Ph.D Thesis

Ph.D StudentNave Rachel
SubjectFaculty Development Program and Online Forums:
Self-Learning and Self-Assessment of Medical-
DepartmentDepartment of Education in Science and Technology
Supervisors PROF. Yehudit Dori
ASSOCIATE PROF. Rakefet Ackerman
Full Thesis textFull thesis text - English Version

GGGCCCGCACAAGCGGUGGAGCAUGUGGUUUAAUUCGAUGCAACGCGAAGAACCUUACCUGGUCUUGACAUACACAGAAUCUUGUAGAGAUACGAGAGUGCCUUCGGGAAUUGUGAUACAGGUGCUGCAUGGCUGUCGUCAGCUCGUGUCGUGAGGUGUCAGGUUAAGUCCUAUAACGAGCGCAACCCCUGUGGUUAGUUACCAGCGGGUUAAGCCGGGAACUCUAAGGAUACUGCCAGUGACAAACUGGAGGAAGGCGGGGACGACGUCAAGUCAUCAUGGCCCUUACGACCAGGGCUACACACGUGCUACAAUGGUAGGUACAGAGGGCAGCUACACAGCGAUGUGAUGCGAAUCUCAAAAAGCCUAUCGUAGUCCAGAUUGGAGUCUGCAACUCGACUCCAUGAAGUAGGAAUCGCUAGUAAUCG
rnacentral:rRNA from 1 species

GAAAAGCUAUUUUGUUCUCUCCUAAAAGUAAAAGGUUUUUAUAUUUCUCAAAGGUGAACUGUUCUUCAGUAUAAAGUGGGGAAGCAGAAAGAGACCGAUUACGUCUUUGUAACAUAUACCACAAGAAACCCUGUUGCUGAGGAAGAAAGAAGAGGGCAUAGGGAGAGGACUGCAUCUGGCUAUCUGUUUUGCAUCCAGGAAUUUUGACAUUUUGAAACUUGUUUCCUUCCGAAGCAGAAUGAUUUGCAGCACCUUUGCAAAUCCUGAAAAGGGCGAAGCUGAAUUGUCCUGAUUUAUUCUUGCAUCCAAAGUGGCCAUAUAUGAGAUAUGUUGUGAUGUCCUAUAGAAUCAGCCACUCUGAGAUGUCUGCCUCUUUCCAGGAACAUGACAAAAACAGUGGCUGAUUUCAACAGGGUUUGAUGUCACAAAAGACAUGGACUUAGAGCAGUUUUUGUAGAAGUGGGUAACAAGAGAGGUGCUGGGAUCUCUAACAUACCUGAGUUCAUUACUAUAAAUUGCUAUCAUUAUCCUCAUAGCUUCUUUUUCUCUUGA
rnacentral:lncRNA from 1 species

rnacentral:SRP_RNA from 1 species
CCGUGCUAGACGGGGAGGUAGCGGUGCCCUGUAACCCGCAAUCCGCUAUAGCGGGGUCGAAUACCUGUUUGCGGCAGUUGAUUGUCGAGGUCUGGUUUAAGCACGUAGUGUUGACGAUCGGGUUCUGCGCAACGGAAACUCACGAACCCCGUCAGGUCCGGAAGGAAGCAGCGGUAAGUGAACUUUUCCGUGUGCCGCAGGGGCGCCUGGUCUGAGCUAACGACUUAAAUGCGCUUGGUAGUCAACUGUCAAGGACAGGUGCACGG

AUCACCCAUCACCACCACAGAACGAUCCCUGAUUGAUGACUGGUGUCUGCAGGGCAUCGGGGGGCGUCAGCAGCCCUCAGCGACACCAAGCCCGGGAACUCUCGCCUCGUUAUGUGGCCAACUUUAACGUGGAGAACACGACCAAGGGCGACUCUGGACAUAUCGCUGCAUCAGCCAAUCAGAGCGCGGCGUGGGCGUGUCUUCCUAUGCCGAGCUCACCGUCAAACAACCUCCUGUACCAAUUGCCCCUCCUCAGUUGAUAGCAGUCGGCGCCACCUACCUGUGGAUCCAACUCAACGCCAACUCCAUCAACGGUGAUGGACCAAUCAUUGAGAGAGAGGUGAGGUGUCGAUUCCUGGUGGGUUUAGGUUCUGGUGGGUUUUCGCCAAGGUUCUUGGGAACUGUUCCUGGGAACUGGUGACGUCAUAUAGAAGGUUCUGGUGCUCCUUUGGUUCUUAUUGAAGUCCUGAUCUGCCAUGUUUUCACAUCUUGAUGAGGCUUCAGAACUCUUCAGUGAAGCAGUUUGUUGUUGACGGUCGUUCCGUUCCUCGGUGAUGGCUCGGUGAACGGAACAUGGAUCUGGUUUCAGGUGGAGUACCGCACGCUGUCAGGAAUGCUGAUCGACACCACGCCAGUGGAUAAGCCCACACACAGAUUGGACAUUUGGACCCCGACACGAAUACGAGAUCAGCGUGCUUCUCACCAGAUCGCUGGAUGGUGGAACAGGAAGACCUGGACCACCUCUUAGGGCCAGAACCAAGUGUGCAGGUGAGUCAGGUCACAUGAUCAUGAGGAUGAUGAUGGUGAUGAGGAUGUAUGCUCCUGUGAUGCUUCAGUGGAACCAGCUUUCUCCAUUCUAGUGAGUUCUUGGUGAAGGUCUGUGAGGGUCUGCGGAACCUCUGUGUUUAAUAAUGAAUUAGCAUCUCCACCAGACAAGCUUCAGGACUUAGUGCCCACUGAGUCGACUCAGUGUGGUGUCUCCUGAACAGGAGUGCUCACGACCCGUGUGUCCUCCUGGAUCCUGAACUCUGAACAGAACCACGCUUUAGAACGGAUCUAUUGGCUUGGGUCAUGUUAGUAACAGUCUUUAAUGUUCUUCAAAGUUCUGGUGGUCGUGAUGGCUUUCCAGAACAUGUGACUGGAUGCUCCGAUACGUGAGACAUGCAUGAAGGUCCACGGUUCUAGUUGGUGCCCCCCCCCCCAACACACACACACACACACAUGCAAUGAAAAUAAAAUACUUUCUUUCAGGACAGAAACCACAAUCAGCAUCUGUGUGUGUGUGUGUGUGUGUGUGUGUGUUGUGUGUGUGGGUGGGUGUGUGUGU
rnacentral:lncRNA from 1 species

Literature concerning medical education maintains that the development of metacognitive skills is essential for the medical school graduates. However, faculty members in medical schools do not routinely receive professional training to hone their role as teachers. In particular, they are not trained for imparting metacognitive skills, and not in incorporating up-to-date e-learning tools for this purpose. The Faculty Development Program (FDP) at the Ruth and Bruce Rappaport Faculty of Medicine at the Technion, Haifa, aims to fill in this gap. The FDP included eight monthly face-to-face meetings of eight hours each. Three online forum discussions took place in between these meetings. These forums served for experiencing e-learning as a teaching method that promotes metacognitive skills. Forum topics were inspired by the technological pedagogical and content knowledge (TPACK) model. The goal of this study was to investigate the development of medical educators' self-learning and self-assessment of knowledge along the FDP. Forty senior medical educators participated in the study during two academic years (2011-2012). The research methodology combined qualitative and quantitative tools. It included three data sources: a) content of the forum discourse and the participants' reflections on action; b) pre- and post- knowledge test accompanied by self-assessment of knowledge and expert-assessment; c) designing multiple-choice questions with self-assessment and expert-assessment of question quality. Forums’ discourse and reflections provided insight into the participants’ real-time attitudes. Contrasting the two information sources highlighted the added value of having both sources for exposing diverse attitudes towards forum as a teaching tool and regarding e-learning, in a broader perspective. In particular, the participants appreciated the contribution of forums for learning and expressed willingness to use them in their teaching. Importantly, they also learned about the challenges imposed by leading forums and allowing the time required. The reliability of metacognitive monitoring of knowledge was examined by contrasting the self-assessment with expert-assessment of knowledge. The classic overconfidence that was found at the opening of the program was attenuated at its end. A diagnostic tool for forum discourse and reflection (DTFDR) has been developed, applied, and validated. The study contributes to the theory of professional training by fostering metacognitive skills, especially in technology-enhanced teaching and learning. DTFDR adds a layer to the theory of educational assessment, enabling enhancement of medical educators' metacognitive skills and readiness to assimilate instructional technologies in their classes.